Filling three distinct buildings, the countless halls crammed with local taxidermy, Bronze and Iron Age finds, Tuvan and Khakass standing stones, traditional stringed instruments and shaggy shaman costumes just keep on coming at this admirable repository of the region’s past. Away from the obvious prehistoric highlights, more off-beat exhibitions look at the construction of 1970s new Minusinsk and ethnic minorities from Europe that colonised Khakassia in the 19th century. Allow around two hours to see everything and don’t even think of veering off from the prescribed tour route. The museum has two other small branches in town, the Decembrist Museum and Krzyzanovsky & Starkov Flat Museum.

  • Sights in Irkutsk

    130 Kvartal

    What does a city boasting some of Siberia’s most impressive original timber architecture do to improve the visitor experience? Yes, that’s right, recreate an entire quarter of yet more wooden buildings, some transported here from other locations, some fake. The unromantically named 130 Kvartal south of the Raising of the Cross Church is nonetheless a pleasant place to stroll, packed with restaurants, cafes and commercial museums, and culminating in Eastern Siberia’s only real 21st-century (and quite impressive) shopping mall. Guarding the entrance to this timber theme park is a monster bronze babr, the mythical beast that features on Irkutsk's municipal coat of arms. The spot has become a popular place to have that ‘I’ve been to Irkutsk’ photo taken.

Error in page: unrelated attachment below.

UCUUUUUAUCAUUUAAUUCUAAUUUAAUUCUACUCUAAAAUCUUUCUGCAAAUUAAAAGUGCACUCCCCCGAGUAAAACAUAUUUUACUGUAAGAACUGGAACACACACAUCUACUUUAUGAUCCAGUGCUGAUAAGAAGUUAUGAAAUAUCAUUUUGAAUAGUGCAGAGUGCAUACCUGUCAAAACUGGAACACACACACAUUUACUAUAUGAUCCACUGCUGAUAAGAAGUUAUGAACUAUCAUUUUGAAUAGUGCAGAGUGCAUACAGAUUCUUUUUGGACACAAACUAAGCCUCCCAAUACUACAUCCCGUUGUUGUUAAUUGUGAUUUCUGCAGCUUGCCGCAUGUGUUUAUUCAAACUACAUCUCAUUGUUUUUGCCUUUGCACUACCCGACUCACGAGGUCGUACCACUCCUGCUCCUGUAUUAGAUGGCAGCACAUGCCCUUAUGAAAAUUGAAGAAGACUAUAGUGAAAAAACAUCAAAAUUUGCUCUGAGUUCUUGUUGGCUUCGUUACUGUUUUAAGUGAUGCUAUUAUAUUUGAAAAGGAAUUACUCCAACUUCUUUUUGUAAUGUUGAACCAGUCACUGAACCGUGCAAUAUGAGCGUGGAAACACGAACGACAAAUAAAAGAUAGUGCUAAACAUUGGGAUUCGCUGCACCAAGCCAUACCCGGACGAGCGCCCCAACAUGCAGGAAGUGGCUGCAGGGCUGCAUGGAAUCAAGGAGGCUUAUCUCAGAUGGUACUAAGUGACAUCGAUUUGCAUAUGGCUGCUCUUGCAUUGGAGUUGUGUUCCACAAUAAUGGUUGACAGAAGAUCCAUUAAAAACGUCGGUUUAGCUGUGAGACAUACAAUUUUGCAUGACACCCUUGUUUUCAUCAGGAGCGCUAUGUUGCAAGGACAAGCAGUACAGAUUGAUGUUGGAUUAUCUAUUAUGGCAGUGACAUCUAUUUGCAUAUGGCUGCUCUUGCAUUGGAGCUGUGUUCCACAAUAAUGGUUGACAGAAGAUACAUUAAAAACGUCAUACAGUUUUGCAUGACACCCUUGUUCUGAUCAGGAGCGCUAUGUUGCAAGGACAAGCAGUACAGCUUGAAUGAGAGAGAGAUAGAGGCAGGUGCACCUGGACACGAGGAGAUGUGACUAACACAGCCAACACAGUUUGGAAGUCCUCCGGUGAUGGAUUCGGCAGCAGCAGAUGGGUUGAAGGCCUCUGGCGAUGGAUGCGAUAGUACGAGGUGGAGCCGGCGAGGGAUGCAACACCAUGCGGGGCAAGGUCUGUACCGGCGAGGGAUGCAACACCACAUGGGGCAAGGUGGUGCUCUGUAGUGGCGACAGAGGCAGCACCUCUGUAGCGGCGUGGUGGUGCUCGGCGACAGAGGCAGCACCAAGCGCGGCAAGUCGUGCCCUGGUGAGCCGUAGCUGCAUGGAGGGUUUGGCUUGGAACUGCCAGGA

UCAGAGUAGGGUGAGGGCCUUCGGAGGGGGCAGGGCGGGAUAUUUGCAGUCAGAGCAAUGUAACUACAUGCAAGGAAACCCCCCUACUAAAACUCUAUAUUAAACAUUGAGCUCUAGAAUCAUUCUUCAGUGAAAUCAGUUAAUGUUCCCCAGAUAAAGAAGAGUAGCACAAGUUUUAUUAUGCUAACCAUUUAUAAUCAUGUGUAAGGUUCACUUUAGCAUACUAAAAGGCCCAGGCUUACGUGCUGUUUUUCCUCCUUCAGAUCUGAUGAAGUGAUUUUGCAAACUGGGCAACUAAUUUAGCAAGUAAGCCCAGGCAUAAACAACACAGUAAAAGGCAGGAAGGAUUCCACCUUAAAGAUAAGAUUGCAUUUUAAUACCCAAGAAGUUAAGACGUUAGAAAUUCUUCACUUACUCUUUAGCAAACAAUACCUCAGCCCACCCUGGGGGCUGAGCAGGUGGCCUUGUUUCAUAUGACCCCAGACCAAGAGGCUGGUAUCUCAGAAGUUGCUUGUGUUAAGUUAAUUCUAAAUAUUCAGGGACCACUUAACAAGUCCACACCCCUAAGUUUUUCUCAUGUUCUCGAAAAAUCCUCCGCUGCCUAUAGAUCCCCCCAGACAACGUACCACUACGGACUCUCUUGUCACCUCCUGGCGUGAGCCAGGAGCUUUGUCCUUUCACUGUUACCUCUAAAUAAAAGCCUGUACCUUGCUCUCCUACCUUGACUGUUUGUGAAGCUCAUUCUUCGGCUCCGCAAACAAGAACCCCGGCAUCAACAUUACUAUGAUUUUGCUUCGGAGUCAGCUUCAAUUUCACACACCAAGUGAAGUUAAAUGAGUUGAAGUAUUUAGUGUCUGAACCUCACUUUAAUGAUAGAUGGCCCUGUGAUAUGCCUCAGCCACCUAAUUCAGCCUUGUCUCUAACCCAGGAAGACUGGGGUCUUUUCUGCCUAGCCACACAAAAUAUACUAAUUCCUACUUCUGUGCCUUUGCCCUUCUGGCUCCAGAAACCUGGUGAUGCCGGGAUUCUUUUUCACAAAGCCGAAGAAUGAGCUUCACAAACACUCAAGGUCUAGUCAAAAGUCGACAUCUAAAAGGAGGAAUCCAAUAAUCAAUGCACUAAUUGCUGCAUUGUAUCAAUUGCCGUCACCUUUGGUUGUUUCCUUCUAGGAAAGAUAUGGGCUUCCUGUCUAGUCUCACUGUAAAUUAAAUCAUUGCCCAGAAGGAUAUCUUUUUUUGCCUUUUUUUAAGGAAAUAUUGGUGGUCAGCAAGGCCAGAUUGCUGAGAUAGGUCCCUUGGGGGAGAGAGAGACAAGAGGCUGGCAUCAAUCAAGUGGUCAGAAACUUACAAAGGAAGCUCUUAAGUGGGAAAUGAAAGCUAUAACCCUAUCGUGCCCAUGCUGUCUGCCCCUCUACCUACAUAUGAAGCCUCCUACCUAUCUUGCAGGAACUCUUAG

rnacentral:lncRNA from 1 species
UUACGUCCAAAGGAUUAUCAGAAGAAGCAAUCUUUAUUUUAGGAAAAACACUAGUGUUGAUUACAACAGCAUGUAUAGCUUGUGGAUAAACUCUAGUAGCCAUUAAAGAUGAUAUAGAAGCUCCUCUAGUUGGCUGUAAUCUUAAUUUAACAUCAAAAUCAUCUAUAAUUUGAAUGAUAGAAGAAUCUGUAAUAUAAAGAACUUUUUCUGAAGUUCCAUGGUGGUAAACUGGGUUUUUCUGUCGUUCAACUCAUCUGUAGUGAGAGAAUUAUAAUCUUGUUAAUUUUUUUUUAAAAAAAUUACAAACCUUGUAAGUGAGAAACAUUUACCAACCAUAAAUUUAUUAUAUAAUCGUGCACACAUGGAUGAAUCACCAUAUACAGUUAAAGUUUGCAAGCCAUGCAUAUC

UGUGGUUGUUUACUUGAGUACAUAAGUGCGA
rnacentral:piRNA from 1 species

• Sights in Ulan-Ude

    Ethnographic Museum

    In a forest clearing 6km from central Ulan-Ude, this outdoor collection of local architecture plus some reconstructed burial mounds and the odd stone totem are worth the trip. The collection is divided into seven areas, each devoted to a different nationality, tribe or ethnic group. There are Hun-era standing stones, Evenki chumy, traditional Buryat yurts, timber European town houses and a whole strip of Old Believers’ homesteads, all brimming with period furniture and inhabited by costumed ‘locals’ giving craft demonstrations. Marshrutka 37 from outside the Hotel Baikal Plaza on pl Sovetov passes within 1km and drivers are used to detouring to drop off tourists.

  • Sights in Around Abakan

    Sayano-Shushenskaya Dam

    Completed in 1985, this stunning feat of engineering blocks a beautiful forested canyon cut through the Sayan mountains by the mighty Yenisey. At 242m, the dam is the world's 17th tallest, and the hydropower station is the world's ninth in production capacity. The six bronze figures that comprise the striking monument to Sayano-Shushenskaya Dam builders stand at a prime observation point about 500m from the dam. A gigantic water discharge facility is built into the rock on the other side of the river. The dam is fresh from a thorough reconstruction that followed the 2009 catastrophe caused by a turbine breakdown, which killed 75 people trapped in the flooded machine hall.